NFU Vice President Paul Temple takes the pesticides fight to Brussels today as senior figures meet to discuss impending EU legislation which could wipe out over 80% of existing pesticides commonly used on British farms.
Mr Temple will warn a conference hosted by the European Voice, a leading Brussels based newspaper, of the potentially disastrous economic impact of the proposed pesticides registration regulation.
He said: “We need action now to reduce the threat and get the proposals into some kind of acceptable form. If the Parliaments proposals were accepted it would have devastating consequences for the UK agricultural industry.
“Independent assessments have shown crops like sugar beet and numerous horticultural crops could no longer be grown economically. Yields of all crops would decline significantly – at a time of rising world demand.
“Production would be exported out of the European Union, food security would decline and food prices would rise. Pesticides are already heavily regulated and this is a step too far.
Mr Temple will urge MEPs to support the council common position, vote not to make the proposals worse and demand that a full EU wide Impact Assessment is carried out to show the effect of these proposals.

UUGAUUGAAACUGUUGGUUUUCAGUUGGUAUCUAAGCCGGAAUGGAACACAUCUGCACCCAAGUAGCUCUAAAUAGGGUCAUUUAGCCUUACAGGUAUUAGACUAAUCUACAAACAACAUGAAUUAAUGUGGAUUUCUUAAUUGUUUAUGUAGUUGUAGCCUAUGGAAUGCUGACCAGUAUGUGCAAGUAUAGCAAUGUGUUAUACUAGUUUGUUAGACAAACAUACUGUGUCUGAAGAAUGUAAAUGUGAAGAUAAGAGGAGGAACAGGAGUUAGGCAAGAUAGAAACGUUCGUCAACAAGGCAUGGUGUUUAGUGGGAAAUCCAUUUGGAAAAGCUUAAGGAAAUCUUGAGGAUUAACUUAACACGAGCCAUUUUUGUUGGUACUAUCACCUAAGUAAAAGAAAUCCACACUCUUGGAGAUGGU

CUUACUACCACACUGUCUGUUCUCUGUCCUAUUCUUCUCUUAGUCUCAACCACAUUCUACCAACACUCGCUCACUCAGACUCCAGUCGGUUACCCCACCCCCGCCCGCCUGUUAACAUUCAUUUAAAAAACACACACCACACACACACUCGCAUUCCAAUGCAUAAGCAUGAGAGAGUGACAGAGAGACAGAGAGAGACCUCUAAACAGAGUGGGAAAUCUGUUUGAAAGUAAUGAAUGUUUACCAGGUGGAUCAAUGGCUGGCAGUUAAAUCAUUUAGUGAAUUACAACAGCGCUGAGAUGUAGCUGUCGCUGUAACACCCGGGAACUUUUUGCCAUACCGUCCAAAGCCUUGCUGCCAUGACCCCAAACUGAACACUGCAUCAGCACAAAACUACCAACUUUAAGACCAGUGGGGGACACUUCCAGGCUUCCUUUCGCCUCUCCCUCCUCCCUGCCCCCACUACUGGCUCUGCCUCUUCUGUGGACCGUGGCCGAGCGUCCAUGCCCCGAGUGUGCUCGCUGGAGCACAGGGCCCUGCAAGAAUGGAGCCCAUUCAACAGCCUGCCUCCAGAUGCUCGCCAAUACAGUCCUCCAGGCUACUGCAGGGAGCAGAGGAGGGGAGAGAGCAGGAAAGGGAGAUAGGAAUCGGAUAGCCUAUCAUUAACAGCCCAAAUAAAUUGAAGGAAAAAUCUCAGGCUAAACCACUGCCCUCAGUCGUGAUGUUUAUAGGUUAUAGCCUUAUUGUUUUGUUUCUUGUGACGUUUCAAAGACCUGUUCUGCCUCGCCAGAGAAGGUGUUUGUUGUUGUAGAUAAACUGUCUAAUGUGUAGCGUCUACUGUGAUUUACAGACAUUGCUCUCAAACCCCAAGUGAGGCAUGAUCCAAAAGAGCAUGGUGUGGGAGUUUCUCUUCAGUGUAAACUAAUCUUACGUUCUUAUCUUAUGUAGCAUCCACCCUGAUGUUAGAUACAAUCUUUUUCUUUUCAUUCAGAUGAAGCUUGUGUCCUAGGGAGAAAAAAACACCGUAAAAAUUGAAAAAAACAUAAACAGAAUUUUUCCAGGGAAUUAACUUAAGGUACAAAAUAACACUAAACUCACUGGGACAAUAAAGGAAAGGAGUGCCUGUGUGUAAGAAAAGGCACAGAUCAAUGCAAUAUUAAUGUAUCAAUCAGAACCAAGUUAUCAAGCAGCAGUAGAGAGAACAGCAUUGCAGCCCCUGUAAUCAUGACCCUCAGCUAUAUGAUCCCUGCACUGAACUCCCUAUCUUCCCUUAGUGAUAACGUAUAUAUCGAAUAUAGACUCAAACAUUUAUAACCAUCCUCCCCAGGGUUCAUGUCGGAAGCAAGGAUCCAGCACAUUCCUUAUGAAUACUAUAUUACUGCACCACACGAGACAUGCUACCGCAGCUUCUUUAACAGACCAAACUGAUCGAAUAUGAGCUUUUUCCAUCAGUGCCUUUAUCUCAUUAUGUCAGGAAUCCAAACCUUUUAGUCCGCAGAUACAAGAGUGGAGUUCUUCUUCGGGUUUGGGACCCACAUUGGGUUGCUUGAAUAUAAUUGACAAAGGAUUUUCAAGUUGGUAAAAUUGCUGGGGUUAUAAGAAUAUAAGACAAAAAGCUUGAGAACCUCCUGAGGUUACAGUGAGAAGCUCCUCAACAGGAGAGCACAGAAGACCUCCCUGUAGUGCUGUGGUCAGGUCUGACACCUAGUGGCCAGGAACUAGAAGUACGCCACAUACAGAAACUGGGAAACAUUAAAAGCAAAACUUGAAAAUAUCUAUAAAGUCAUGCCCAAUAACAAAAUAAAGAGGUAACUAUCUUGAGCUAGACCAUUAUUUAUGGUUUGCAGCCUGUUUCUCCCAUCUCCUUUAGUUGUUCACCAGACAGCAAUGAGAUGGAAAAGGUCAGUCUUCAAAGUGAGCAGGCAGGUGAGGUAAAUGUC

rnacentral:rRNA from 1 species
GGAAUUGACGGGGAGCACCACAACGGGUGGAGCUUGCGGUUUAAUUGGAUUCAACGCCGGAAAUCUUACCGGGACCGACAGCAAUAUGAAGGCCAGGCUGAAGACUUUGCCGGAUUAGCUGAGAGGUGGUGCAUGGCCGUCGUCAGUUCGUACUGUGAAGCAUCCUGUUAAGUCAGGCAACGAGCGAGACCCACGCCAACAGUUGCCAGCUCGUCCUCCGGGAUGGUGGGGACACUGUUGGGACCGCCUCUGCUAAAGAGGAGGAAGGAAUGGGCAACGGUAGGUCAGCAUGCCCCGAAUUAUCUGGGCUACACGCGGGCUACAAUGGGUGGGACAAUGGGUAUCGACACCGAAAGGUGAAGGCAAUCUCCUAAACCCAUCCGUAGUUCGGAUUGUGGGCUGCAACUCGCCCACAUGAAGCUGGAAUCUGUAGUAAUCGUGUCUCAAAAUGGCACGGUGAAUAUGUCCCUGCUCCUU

He added: “This is another example where the requirement to have competitive agriculture is in conflict with regulatory force and with no tie in to imports.
EU: Pesticide limits harmonised across Europe
Source: Keith Nuthall – 01 Sep 08
After two years of debate, the EU has moved to simplify the regime governing pesticide residues in food, making it easier for manufacturers and retailers to ensure their products meet EU requirements.
A new regulation has come into force that sets EU-wide “maximum residue levels” for different foodstuffs, replacing the old system where the EU’s 27 member states set national residue limits for their countries.
The new EU regulation mandates limits for 1,100 pesticides and 315 food products.
EU health commissioner Androulla Vassiliou said these limits guaranteed healthy residue levels: “Food produced or imported in one member state must be safe for consumers in all of them.”
Source: BBC News – 24 Jun 08
Many Euro MPs have called for even tougher controls on pesticides – and the package may be amended accordingly by the parliament in the autumn.
Environmental consultancy ADAS says yields of key crops such as potatoes and wheat could fall by 25% under the proposed EU ban.
A British farmer interviewed by BBC Radio 4’s Farming Today programme objected to the new pesticide rules.
Kit Papworth, spraying fungicide on wheat in Aylsham, north Norfolk, said that replacing triazole, for example, “would make a significant difference, both in cost and yield terms… at a time when the UN is calling for more food to be produced”.
“The alternatives are not ideal… they will reduce the yield, and reducing supply tends to increase prices… There’s very little evidence to suggest that anything that’s being talked about is actually harmful,” he said.